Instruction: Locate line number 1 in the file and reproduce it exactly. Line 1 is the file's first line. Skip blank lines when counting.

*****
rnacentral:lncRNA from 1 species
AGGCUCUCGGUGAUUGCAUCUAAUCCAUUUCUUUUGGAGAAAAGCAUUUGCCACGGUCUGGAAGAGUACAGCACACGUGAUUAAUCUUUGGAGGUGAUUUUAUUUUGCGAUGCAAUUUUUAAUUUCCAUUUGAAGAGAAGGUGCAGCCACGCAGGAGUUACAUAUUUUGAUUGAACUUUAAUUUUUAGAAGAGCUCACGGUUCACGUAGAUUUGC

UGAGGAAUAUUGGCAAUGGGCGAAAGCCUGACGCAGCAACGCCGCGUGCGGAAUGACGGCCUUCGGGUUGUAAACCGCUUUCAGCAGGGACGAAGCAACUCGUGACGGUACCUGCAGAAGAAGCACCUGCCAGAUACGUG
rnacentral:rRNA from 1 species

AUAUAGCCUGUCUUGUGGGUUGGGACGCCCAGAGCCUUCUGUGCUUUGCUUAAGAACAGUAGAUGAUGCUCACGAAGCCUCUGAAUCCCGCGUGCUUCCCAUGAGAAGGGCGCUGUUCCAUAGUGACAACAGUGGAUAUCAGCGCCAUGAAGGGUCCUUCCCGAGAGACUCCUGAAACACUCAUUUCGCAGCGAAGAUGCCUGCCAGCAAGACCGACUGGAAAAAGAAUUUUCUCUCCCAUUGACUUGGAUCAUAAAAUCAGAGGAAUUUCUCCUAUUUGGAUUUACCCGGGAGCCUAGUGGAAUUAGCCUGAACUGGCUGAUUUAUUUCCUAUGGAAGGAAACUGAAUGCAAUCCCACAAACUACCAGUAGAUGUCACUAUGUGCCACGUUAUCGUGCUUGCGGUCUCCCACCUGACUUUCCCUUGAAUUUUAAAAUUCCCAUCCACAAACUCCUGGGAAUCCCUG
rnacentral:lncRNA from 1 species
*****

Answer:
rnacentral:lncRNA from 1 species